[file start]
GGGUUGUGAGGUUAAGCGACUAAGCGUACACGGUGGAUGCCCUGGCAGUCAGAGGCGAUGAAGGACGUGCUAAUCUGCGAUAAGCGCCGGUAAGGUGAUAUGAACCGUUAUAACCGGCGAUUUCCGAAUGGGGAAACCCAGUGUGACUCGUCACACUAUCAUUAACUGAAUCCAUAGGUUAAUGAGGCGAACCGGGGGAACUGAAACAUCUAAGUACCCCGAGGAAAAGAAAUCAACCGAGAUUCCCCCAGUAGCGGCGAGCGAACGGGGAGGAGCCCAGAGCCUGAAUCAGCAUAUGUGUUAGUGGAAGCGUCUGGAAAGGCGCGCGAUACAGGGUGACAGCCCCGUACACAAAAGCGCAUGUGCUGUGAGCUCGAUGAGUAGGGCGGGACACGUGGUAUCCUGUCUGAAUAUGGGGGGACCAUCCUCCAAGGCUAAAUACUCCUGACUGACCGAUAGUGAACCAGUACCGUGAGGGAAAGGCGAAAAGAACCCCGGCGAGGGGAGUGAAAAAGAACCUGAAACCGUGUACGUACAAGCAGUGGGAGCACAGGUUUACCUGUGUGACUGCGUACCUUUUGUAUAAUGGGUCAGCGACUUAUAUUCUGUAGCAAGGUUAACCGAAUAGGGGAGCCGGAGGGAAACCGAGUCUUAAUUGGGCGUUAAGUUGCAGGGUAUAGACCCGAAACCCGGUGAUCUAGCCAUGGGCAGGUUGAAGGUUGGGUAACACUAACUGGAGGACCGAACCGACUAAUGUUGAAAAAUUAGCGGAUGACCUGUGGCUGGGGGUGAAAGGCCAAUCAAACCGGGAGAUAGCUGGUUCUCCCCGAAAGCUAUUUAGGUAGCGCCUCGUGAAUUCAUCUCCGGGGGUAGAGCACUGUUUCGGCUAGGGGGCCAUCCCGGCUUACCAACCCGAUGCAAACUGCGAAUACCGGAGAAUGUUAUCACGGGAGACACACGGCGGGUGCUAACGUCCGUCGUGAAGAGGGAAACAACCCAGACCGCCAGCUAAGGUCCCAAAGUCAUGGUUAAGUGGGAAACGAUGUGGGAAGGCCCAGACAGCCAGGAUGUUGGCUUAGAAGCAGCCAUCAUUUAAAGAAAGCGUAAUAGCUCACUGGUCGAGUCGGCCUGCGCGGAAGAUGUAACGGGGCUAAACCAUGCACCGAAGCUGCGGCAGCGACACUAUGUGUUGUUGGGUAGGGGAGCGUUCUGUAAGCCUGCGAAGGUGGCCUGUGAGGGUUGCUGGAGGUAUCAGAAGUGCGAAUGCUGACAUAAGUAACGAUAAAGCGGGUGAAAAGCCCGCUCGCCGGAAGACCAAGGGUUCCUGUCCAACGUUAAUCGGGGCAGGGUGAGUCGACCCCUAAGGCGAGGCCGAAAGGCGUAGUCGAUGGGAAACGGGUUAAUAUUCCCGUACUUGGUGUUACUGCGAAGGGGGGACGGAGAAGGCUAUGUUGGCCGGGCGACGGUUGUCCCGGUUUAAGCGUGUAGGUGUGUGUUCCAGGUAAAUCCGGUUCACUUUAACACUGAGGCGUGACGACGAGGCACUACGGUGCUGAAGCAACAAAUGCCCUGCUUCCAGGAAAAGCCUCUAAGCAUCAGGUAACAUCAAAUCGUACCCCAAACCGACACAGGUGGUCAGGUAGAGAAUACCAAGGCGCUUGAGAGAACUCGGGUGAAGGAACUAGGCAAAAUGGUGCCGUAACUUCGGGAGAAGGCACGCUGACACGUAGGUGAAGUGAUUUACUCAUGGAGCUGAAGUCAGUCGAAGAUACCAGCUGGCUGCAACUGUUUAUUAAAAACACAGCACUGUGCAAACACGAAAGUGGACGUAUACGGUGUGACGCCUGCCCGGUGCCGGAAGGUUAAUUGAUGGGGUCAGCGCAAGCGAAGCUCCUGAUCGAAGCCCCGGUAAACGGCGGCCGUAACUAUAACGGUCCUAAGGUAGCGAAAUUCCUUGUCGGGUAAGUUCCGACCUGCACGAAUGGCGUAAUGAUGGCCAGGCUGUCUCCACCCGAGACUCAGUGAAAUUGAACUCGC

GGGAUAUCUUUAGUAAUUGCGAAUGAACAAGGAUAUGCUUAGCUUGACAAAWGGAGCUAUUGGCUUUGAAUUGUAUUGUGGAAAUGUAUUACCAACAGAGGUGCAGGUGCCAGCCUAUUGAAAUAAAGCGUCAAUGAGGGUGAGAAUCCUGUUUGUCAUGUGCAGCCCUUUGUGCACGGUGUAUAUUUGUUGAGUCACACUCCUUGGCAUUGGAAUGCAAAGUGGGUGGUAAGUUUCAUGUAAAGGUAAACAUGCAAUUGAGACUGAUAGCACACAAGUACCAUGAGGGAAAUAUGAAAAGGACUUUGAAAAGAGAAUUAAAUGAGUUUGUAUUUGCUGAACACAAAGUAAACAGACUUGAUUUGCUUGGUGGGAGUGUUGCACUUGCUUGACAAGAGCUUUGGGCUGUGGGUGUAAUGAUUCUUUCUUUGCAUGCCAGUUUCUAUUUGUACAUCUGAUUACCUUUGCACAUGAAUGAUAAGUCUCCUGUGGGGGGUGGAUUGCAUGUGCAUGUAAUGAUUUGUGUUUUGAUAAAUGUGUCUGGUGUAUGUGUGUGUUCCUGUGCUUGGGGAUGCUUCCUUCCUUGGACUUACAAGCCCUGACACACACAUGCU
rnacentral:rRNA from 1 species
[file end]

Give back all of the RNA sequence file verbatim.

GGGUUGUGAGGUUAAGCGACUAAGCGUACACGGUGGAUGCCCUGGCAGUCAGAGGCGAUGAAGGACGUGCUAAUCUGCGAUAAGCGCCGGUAAGGUGAUAUGAACCGUUAUAACCGGCGAUUUCCGAAUGGGGAAACCCAGUGUGACUCGUCACACUAUCAUUAACUGAAUCCAUAGGUUAAUGAGGCGAACCGGGGGAACUGAAACAUCUAAGUACCCCGAGGAAAAGAAAUCAACCGAGAUUCCCCCAGUAGCGGCGAGCGAACGGGGAGGAGCCCAGAGCCUGAAUCAGCAUAUGUGUUAGUGGAAGCGUCUGGAAAGGCGCGCGAUACAGGGUGACAGCCCCGUACACAAAAGCGCAUGUGCUGUGAGCUCGAUGAGUAGGGCGGGACACGUGGUAUCCUGUCUGAAUAUGGGGGGACCAUCCUCCAAGGCUAAAUACUCCUGACUGACCGAUAGUGAACCAGUACCGUGAGGGAAAGGCGAAAAGAACCCCGGCGAGGGGAGUGAAAAAGAACCUGAAACCGUGUACGUACAAGCAGUGGGAGCACAGGUUUACCUGUGUGACUGCGUACCUUUUGUAUAAUGGGUCAGCGACUUAUAUUCUGUAGCAAGGUUAACCGAAUAGGGGAGCCGGAGGGAAACCGAGUCUUAAUUGGGCGUUAAGUUGCAGGGUAUAGACCCGAAACCCGGUGAUCUAGCCAUGGGCAGGUUGAAGGUUGGGUAACACUAACUGGAGGACCGAACCGACUAAUGUUGAAAAAUUAGCGGAUGACCUGUGGCUGGGGGUGAAAGGCCAAUCAAACCGGGAGAUAGCUGGUUCUCCCCGAAAGCUAUUUAGGUAGCGCCUCGUGAAUUCAUCUCCGGGGGUAGAGCACUGUUUCGGCUAGGGGGCCAUCCCGGCUUACCAACCCGAUGCAAACUGCGAAUACCGGAGAAUGUUAUCACGGGAGACACACGGCGGGUGCUAACGUCCGUCGUGAAGAGGGAAACAACCCAGACCGCCAGCUAAGGUCCCAAAGUCAUGGUUAAGUGGGAAACGAUGUGGGAAGGCCCAGACAGCCAGGAUGUUGGCUUAGAAGCAGCCAUCAUUUAAAGAAAGCGUAAUAGCUCACUGGUCGAGUCGGCCUGCGCGGAAGAUGUAACGGGGCUAAACCAUGCACCGAAGCUGCGGCAGCGACACUAUGUGUUGUUGGGUAGGGGAGCGUUCUGUAAGCCUGCGAAGGUGGCCUGUGAGGGUUGCUGGAGGUAUCAGAAGUGCGAAUGCUGACAUAAGUAACGAUAAAGCGGGUGAAAAGCCCGCUCGCCGGAAGACCAAGGGUUCCUGUCCAACGUUAAUCGGGGCAGGGUGAGUCGACCCCUAAGGCGAGGCCGAAAGGCGUAGUCGAUGGGAAACGGGUUAAUAUUCCCGUACUUGGUGUUACUGCGAAGGGGGGACGGAGAAGGCUAUGUUGGCCGGGCGACGGUUGUCCCGGUUUAAGCGUGUAGGUGUGUGUUCCAGGUAAAUCCGGUUCACUUUAACACUGAGGCGUGACGACGAGGCACUACGGUGCUGAAGCAACAAAUGCCCUGCUUCCAGGAAAAGCCUCUAAGCAUCAGGUAACAUCAAAUCGUACCCCAAACCGACACAGGUGGUCAGGUAGAGAAUACCAAGGCGCUUGAGAGAACUCGGGUGAAGGAACUAGGCAAAAUGGUGCCGUAACUUCGGGAGAAGGCACGCUGACACGUAGGUGAAGUGAUUUACUCAUGGAGCUGAAGUCAGUCGAAGAUACCAGCUGGCUGCAACUGUUUAUUAAAAACACAGCACUGUGCAAACACGAAAGUGGACGUAUACGGUGUGACGCCUGCCCGGUGCCGGAAGGUUAAUUGAUGGGGUCAGCGCAAGCGAAGCUCCUGAUCGAAGCCCCGGUAAACGGCGGCCGUAACUAUAACGGUCCUAAGGUAGCGAAAUUCCUUGUCGGGUAAGUUCCGACCUGCACGAAUGGCGUAAUGAUGGCCAGGCUGUCUCCACCCGAGACUCAGUGAAAUUGAACUCGC

GGGAUAUCUUUAGUAAUUGCGAAUGAACAAGGAUAUGCUUAGCUUGACAAAWGGAGCUAUUGGCUUUGAAUUGUAUUGUGGAAAUGUAUUACCAACAGAGGUGCAGGUGCCAGCCUAUUGAAAUAAAGCGUCAAUGAGGGUGAGAAUCCUGUUUGUCAUGUGCAGCCCUUUGUGCACGGUGUAUAUUUGUUGAGUCACACUCCUUGGCAUUGGAAUGCAAAGUGGGUGGUAAGUUUCAUGUAAAGGUAAACAUGCAAUUGAGACUGAUAGCACACAAGUACCAUGAGGGAAAUAUGAAAAGGACUUUGAAAAGAGAAUUAAAUGAGUUUGUAUUUGCUGAACACAAAGUAAACAGACUUGAUUUGCUUGGUGGGAGUGUUGCACUUGCUUGACAAGAGCUUUGGGCUGUGGGUGUAAUGAUUCUUUCUUUGCAUGCCAGUUUCUAUUUGUACAUCUGAUUACCUUUGCACAUGAAUGAUAAGUCUCCUGUGGGGGGUGGAUUGCAUGUGCAUGUAAUGAUUUGUGUUUUGAUAAAUGUGUCUGGUGUAUGUGUGUGUUCCUGUGCUUGGGGAUGCUUCCUUCCUUGGACUUACAAGCCCUGACACACACAUGCU
rnacentral:rRNA from 1 species